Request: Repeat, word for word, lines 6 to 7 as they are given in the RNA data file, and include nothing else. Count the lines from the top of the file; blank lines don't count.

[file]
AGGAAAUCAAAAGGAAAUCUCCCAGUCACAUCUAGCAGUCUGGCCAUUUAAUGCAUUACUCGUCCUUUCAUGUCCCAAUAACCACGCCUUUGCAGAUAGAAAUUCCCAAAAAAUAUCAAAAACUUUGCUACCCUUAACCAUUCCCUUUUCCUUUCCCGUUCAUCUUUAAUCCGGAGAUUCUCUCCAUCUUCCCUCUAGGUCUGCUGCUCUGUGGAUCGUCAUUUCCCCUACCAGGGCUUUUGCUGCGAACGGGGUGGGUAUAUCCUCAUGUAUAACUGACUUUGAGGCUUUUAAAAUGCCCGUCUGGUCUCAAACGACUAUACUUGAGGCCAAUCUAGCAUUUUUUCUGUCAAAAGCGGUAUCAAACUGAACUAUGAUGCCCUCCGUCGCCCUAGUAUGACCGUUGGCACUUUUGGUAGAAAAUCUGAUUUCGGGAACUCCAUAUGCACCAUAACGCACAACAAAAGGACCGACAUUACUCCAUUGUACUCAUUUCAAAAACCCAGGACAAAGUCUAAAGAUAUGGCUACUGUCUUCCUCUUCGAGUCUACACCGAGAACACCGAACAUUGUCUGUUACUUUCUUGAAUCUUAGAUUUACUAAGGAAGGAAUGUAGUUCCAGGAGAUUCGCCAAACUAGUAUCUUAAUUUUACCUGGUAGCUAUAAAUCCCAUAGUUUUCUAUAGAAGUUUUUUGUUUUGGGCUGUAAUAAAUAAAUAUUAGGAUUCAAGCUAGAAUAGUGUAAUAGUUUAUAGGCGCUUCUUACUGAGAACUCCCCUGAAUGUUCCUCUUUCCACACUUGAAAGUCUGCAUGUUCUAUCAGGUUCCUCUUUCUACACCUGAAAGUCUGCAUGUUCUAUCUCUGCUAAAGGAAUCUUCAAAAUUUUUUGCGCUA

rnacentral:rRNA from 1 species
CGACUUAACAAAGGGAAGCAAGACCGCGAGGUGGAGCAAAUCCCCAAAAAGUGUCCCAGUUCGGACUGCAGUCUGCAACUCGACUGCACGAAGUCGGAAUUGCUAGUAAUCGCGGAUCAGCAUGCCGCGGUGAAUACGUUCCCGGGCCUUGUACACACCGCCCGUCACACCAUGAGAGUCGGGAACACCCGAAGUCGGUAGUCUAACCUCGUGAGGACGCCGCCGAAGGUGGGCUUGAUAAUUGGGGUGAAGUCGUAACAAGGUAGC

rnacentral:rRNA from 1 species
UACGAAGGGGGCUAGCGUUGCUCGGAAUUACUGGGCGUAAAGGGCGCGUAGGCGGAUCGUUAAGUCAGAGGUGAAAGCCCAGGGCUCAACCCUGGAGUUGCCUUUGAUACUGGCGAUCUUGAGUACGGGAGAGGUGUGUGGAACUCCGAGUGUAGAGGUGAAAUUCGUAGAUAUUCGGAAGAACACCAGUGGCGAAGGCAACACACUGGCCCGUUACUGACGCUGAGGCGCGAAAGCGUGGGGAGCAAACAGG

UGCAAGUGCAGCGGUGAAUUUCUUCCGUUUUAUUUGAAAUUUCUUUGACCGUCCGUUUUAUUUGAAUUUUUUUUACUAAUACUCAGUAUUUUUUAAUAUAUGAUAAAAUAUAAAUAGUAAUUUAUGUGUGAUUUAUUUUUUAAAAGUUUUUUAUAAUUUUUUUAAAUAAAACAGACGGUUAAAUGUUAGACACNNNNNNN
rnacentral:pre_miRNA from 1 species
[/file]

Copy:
UGCAAGUGCAGCGGUGAAUUUCUUCCGUUUUAUUUGAAAUUUCUUUGACCGUCCGUUUUAUUUGAAUUUUUUUUACUAAUACUCAGUAUUUUUUAAUAUAUGAUAAAAUAUAAAUAGUAAUUUAUGUGUGAUUUAUUUUUUAAAAGUUUUUUAUAAUUUUUUUAAAUAAAACAGACGGUUAAAUGUUAGACACNNNNNNN
rnacentral:pre_miRNA from 1 species